#3 Market Exposure
Industry Analyst Relations can support the marketing function through greater effective exposure such as in Media Quotes, Speaker Events, Research Reports and White Papers. Industry Analysts have greater influence on medium to large enterprises than growth hacking and content marketing as they provide third party validation that can be used for demand generation as well as influence on different channels of stakeholders in the purchasing decision. Industry Analysts provide an opportunity for greater visibility and a feedback loop in the communication messaging to the marketed audiences. This provides for effective messaging through message testing as well as education from the Industry Analysts of the prospective buyers.
#4 Product Strategies
Industry Analysts can also be used to test and validate product strategies as they have an overall view of what key players are building in each market and what minimal requirements are needed to be considered a viable option in the market. They can also shed light on what is not being developed and why, which for innovators like Tech Startup’s is quite valuable for MVP development and product differentiation strategies.
This post has briefly outlined some misconceptions of Industry Analyst Relations and some key areas where IAR can be of value specifically to Start-ups. There are a plethora of areas IAR can be of value to companies and the use -cases will be company specific. The information in this article is intended to be informative and introductory for Startup’s and those new to Industry Analysts Relations.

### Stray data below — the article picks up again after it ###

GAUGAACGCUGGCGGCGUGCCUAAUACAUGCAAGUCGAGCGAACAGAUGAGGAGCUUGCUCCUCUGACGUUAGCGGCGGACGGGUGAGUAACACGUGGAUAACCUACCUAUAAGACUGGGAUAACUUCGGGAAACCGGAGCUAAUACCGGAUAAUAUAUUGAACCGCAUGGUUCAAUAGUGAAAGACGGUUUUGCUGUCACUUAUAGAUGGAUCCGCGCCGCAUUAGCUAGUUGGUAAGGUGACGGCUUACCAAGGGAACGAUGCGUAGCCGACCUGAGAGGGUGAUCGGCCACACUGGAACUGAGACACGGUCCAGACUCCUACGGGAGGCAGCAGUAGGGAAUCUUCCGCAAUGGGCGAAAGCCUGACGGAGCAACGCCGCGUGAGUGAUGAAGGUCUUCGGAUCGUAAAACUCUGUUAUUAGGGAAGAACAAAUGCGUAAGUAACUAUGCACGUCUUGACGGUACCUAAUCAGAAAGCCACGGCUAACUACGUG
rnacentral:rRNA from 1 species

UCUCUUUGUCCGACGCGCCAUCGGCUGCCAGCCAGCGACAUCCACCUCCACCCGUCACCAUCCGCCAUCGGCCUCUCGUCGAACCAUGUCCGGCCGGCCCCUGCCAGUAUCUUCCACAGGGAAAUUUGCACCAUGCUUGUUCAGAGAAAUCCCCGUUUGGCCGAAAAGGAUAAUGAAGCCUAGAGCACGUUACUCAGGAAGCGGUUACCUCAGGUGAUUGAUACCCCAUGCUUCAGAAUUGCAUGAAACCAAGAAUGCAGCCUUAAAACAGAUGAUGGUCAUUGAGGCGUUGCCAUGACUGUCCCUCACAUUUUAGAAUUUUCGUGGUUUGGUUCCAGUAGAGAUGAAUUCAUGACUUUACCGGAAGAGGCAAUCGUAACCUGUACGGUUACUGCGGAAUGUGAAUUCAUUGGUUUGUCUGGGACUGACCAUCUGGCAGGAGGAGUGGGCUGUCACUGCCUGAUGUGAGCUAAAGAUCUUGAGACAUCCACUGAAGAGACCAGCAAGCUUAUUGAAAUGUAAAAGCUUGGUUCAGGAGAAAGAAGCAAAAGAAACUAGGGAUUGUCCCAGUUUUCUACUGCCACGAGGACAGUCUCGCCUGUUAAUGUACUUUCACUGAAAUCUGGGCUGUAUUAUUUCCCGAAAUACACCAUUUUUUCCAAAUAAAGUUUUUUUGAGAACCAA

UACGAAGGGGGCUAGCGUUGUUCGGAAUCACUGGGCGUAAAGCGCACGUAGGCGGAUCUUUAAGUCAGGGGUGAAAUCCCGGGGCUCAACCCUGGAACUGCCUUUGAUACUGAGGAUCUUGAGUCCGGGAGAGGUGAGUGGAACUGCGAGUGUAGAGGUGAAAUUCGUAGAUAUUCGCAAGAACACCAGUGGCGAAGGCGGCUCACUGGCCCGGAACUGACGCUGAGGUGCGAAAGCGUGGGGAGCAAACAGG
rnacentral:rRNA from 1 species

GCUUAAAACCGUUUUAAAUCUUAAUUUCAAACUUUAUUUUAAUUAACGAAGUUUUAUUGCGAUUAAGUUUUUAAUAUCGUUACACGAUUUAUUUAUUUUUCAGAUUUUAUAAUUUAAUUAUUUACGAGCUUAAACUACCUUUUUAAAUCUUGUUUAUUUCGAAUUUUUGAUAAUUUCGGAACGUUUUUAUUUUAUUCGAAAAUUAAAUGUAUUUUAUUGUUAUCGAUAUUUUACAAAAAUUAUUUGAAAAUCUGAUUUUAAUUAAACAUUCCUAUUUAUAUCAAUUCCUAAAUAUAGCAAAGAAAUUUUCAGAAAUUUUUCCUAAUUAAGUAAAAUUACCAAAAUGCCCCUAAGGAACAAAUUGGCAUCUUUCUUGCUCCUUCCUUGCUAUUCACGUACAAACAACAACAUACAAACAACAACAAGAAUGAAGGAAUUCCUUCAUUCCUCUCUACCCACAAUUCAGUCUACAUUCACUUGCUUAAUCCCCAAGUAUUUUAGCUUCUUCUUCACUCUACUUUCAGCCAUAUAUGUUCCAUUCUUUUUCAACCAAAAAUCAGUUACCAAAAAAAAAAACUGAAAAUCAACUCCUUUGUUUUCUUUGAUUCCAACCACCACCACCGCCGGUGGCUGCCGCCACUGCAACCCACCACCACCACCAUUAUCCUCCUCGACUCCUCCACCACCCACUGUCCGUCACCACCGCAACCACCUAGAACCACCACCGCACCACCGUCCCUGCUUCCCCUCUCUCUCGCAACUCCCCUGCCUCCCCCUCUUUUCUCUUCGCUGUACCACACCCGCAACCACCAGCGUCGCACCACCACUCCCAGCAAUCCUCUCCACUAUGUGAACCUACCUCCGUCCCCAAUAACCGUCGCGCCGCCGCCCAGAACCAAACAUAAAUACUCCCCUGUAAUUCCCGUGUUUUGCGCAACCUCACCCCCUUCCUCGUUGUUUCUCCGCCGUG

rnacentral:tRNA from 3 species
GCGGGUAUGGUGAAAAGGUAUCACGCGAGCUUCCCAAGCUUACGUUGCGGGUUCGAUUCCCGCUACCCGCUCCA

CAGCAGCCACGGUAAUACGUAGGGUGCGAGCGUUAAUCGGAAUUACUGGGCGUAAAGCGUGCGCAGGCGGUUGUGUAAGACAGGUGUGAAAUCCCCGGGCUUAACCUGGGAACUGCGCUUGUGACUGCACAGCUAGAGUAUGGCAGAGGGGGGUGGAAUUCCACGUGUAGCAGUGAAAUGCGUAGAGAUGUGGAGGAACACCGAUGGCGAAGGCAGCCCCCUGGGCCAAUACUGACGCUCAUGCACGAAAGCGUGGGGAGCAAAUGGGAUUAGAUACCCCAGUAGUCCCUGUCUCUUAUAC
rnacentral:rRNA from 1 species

Josh Seerattan (@JoshSeerattan, LinkedIn) is the IIAR Canada Chapter Lead.
Your next steps
- Check the IIAR paper on Who are industry analysts and what do they do?
- Define your goals with the IIAR Best Practice Paper: Plan your analyst relations programme with the AR Compass
- And Get help with your influencer relations
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3 thoughts on “Common Misconceptions and 4 Key Areas Tech Start-ups Can Benefit from Industry Analyst Relations”
I wholeheartedly agree with Josh’s premise, the four areas are key for start-ups – Start-ups need support from industry analysts (and AR pros), endorsements like Cool Vendor status can be game changers for them. Along with the rationale you’ve discussed I saw some research this week that further convinced me that they need ‘our’ help to engage and win. The survival rate of start-ups in the UK, or the US isn’t great. Government stats show that by the fifth year over 50% fail. However, when start-up have CV status there seems to be a shade over 20% failure rate, ie almost 80% survive so a huge improvement! Further demonstrating the value of an analyst ‘endorsement’ in my mind. The challenge many start-ups have is working out who to target, when and with what – that’s where AR pros come in of course.